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Rocky Mount Telegram

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City lauded for storm readiness

By Zach Ahmad
Rocky Mount Telegram
Friday, July 06, 2007
With meteorologists predicting a harsh hurricane season for the Atlantic coast, Rocky Mount is wearing a badge of readiness.
In an evaluation from the National Weather Service, Rocky Mount is one of just two cities in North Carolina designated as a StormReady community. The city has held the mark since 2002.
Emergency services officials for the city said the ranking is an indication of how they've tried to improve Rocky Mount's preparedness since the severe flooding that occurred after Hurricane Floyd in 1999.
"Rocky Mount was ground zero for one of the worst natural disasters ever to strike North Carolina," said Rocky Mount Fire Chief Keith Harris. "Having been through that, it certainly puts an emphasis on emergency preparedness."
The weather service started the nationwide StormReady program in the late 1990s as a way to encourage and identify communities that take a proactive approach to storm preparedness. Communities must meet several guidelines to be considered, including having a 24-hour communications center, National Oceanic and Atmospheric Administration weather radios in several locations and aggressive outreach and education programs.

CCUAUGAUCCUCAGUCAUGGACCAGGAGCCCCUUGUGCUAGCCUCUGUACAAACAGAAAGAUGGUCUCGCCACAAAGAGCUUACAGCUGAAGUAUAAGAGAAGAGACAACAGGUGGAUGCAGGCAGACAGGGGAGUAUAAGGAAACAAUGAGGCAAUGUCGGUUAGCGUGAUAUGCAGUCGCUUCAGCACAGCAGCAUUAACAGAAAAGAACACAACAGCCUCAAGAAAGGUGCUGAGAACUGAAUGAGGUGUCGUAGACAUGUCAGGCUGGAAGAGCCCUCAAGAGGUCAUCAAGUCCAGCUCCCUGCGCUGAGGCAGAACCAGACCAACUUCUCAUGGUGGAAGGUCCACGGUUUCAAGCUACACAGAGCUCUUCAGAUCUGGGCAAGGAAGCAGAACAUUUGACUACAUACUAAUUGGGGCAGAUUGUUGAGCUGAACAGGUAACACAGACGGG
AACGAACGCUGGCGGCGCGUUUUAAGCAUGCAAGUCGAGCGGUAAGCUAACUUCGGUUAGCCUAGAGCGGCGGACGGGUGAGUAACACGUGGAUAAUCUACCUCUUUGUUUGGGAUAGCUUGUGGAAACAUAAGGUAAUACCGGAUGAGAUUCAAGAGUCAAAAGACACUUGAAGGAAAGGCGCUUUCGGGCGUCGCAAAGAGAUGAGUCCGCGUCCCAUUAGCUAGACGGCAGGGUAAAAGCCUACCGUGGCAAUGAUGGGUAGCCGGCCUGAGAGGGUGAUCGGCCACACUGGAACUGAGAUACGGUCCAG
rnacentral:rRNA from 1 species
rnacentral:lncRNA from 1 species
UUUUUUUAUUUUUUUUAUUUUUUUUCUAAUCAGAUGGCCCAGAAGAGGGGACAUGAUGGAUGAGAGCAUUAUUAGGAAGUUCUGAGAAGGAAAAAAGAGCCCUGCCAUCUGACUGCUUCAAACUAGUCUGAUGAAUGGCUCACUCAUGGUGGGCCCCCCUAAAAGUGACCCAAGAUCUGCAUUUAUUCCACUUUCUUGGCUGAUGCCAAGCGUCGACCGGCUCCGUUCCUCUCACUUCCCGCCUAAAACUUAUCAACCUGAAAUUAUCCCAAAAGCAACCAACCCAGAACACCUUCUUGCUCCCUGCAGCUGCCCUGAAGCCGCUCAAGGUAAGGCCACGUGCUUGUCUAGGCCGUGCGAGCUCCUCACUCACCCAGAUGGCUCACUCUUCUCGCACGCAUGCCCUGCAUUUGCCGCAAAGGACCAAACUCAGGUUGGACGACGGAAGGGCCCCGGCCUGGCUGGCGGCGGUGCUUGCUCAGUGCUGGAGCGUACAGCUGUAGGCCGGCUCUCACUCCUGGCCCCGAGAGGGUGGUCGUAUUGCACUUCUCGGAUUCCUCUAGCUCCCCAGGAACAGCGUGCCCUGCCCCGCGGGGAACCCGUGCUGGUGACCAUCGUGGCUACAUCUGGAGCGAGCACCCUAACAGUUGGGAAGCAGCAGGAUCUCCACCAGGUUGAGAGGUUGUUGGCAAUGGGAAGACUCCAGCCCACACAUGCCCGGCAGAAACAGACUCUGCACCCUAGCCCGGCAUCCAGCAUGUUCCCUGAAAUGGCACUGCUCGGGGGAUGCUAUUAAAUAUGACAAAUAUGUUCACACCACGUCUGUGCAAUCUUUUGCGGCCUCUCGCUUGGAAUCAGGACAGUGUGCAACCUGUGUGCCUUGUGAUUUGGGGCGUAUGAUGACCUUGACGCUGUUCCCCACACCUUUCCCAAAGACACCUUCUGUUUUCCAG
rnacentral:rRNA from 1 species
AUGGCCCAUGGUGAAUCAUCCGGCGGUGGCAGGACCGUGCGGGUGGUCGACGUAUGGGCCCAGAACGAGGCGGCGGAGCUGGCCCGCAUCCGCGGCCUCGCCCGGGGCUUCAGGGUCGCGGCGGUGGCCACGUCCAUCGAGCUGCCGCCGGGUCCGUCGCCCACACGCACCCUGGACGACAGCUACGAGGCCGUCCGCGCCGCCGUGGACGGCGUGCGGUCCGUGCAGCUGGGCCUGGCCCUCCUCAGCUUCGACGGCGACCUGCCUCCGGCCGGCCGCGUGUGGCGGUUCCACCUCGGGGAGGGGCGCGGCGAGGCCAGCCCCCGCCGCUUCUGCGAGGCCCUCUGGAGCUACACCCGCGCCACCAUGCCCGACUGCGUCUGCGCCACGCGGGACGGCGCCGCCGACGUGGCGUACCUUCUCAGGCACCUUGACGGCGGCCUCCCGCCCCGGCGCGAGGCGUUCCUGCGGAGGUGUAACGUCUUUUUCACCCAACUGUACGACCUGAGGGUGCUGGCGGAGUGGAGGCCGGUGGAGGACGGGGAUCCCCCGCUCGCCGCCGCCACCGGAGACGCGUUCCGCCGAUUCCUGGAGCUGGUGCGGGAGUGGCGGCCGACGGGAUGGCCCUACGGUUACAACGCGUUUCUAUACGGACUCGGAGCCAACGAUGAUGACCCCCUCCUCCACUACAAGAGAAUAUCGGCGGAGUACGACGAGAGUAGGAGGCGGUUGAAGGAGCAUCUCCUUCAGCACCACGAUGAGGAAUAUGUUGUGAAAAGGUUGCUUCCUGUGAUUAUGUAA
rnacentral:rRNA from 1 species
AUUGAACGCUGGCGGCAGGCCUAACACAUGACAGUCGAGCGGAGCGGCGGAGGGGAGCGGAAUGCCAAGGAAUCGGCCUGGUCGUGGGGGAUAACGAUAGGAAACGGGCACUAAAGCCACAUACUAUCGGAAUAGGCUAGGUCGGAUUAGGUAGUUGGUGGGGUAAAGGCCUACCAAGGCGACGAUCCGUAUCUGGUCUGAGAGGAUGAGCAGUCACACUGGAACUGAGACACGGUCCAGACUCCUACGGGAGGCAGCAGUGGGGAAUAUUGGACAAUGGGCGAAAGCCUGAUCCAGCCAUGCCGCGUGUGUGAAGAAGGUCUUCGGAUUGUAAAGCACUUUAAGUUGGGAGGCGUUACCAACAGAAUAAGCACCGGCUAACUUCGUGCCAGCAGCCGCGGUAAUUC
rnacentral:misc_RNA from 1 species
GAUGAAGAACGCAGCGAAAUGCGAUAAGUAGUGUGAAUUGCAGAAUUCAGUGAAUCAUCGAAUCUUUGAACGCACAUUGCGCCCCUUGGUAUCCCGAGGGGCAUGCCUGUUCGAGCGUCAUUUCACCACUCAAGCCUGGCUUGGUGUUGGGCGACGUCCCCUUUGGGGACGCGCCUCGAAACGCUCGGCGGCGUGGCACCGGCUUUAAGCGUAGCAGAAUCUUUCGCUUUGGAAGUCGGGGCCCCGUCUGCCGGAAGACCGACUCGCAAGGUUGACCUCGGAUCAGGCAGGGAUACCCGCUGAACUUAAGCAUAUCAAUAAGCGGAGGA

There are 43 StormReady areas in North Carolina, including Nash and Edgecombe counties, though Rocky Mount and Concord are the only cities included.
"It's a great designation to have," said Darin Figurskey, meteorologist for the National Weather Service station in Raleigh. "The individuals in that community were proactive and took the time to say, 'We're storm ready.'"
Officials said the city has taken strides to work with county officials to make the city more weather prepared since the 1999 flood. Mike Stallings, division fire chief for life safety management, said the city now has weather radios in every school, a farther-reaching and more responsive alert system and better river gauges to help officials predict if a flood is imminent.
"While it's true the counties are truly responsible for emergency management, we felt the city also needed to move toward that," Stallings said. "We wanted to do what we could to help our citizens."
The city is also working to improve public awareness. Kim Wittig, the fire department's life safety educator, says she gives several lectures a year upon request about what people can do to prepare themselves for a natural disaster, including one at a family reunion.
Wittig said she is also developing a natural disaster preparedness curriculum that she hopes to introduce in area schools that would teach children what to do in an emergency situation.
"We believe it will be a very beneficial and useful tool for them," Wittig said. "They need to know how to react wherever they are, whether it's at school or at home."

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